Wedding Ideas

Wedding Photography: The First Look

Posted on August 12, 2014 by New Jersey Bride

THE FIRST MOMENT YOU SEE YOUR SOON-TO-BE SPOUSE ON YOUR WEDDING DAY is one of the most exhilarating. Tradition dictates that this occasion should occur just as the bride reaches the end of the aisle, as her groom awaits on the altar. It can be beautiful, but some couples buckle to nerves and appear stiff in photos. Enter “the First Look,” a pre-wedding photo session that captures the couple in their wedding garb—just the two of them completely alone, with their photographer, of course. “When you’re walking down the aisle, you don’t always have time to stop and say, ‘Wow, you look amazing,’” says Marie Papp of Marie Papp Photography in Hoboken. “The first look is great because you get to savor each other. It’s just the couple in a private moment.”

Liberty House First Look
Marie Papp Photography.
Bucking the superstition that a bride and groom must not see each other before the ceremony, the first look has grown in popularity in recent years. The quiet moment allows photographers to snap plenty of shots of the happy couple radiating their pre-ceremony excitement and devotion. Aside from the fantastically candid photos the shoot produces, the first look is an efficient use of time for couples who want to get the most out of their wedding. Often wedding photos are taken in the time between the ceremony and reception—meaning newlyweds and bridal-party members can miss out on the spread at the cocktail hour. It’s hard to stare devotedly at your new husband while dreaming of crab cakes and scallops wrapped in bacon. Not to mention, the cocktail hour is the ideal time to make the rounds with the guests.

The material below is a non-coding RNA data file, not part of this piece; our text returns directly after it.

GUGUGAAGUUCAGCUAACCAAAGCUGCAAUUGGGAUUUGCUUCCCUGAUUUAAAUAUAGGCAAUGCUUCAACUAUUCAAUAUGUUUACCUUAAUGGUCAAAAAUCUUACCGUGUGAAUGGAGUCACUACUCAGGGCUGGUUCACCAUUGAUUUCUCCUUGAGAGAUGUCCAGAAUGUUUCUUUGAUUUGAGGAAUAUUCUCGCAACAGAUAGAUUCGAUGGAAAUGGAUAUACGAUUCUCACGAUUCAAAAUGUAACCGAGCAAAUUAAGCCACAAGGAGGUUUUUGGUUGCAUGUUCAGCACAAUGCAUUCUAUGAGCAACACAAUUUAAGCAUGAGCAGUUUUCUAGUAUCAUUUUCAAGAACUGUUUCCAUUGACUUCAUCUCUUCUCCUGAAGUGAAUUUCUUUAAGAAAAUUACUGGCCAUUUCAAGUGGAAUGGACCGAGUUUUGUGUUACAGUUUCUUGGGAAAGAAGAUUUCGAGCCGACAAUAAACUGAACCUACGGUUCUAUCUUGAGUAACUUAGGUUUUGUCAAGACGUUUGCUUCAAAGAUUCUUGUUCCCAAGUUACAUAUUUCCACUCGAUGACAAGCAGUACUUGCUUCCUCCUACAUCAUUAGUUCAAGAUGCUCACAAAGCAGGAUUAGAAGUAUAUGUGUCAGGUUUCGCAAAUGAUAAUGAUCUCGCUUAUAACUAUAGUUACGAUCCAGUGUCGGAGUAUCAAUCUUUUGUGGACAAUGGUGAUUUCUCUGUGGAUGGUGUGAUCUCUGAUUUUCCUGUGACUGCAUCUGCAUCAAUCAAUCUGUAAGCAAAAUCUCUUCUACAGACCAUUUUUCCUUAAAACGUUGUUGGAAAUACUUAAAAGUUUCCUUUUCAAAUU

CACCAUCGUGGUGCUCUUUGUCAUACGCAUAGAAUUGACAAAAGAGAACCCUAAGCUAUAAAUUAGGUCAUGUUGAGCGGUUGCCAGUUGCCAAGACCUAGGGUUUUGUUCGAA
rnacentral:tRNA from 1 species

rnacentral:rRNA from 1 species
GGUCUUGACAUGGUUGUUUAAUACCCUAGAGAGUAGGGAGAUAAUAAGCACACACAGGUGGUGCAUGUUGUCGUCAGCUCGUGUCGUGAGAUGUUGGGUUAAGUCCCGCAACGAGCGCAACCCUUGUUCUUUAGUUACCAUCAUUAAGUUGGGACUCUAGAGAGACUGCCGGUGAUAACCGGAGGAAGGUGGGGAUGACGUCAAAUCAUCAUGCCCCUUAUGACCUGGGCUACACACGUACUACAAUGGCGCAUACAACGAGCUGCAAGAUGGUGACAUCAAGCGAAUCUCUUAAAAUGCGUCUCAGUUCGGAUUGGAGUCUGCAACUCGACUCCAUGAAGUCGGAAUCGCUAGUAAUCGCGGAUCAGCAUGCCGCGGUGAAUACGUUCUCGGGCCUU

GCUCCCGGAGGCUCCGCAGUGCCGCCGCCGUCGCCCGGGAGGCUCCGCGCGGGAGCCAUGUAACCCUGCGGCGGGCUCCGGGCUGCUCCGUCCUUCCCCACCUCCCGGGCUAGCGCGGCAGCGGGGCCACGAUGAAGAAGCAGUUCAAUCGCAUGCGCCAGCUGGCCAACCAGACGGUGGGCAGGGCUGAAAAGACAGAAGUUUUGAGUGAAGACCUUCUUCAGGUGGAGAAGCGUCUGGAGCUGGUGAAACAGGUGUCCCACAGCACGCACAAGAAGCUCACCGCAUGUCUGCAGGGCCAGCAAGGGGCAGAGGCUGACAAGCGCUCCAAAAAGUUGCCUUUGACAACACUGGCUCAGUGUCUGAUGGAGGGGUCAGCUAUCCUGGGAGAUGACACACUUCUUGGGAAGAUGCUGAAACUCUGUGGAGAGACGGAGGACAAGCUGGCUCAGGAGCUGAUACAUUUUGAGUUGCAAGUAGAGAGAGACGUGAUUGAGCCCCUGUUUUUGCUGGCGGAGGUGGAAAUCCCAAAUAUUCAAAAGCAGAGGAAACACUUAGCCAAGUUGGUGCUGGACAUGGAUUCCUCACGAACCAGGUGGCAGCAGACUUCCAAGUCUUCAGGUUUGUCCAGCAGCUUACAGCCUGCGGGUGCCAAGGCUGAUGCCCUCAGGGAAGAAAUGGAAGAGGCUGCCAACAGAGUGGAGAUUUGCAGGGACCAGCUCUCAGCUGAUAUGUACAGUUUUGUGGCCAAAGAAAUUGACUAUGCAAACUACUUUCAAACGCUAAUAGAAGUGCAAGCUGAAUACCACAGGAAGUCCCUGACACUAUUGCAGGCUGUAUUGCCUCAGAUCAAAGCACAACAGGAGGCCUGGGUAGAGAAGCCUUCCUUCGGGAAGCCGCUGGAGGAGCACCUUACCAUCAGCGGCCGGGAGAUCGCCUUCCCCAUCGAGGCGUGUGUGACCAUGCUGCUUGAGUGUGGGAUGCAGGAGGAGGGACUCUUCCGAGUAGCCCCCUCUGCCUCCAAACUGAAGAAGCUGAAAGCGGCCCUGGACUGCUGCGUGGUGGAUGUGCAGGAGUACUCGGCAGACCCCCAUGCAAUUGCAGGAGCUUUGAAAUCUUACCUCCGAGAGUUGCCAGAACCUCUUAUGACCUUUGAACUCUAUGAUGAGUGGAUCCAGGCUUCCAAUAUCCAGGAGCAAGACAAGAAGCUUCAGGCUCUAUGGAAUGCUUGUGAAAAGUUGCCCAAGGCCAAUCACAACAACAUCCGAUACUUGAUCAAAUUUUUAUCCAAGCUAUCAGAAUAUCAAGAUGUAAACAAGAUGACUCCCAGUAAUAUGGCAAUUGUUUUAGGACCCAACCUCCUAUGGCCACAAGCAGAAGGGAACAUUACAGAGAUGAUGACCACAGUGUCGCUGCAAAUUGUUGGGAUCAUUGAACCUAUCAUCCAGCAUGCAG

Lauren Kearns Photography. First Look.
Lauren Kearns Photography.
“If a couple is getting married on site and their cocktail hour is right away, there’s not a lot of time for photos in between,” Papp adds. “The other option is to take them during the cocktail hour, which is not preferred. If you get your photos out of the way, you can still attend your cocktail hour and mingle more with your guests.” The moment is also great for jittery brides (and grooms!) who may not have a genuine emotional reaction in front of hundreds of their friends and family. Plus, couples appear “fresher” at the beginning of the day, before the normal wear-and-tear of the event (sweat, tears, make-up smears, spots of dirt or food stains) causes the bride to look less than the absolute picture of bridal perfection.
First Look.
Marie Papp Photography.
“This takes the edge off,” Papp says. “If you do the photos beforehand, the couple hasn’t been kissed and hugged by hundreds of guests.” But what of the pearl-clutching traditionalists, who believe a marriage is doomed if the pair sees each other before vows are exchanged? Papp says she doesn’t pay much attention to that folklore. “The superstition is silly,” she says with a laugh. “We’re definitely way past that.”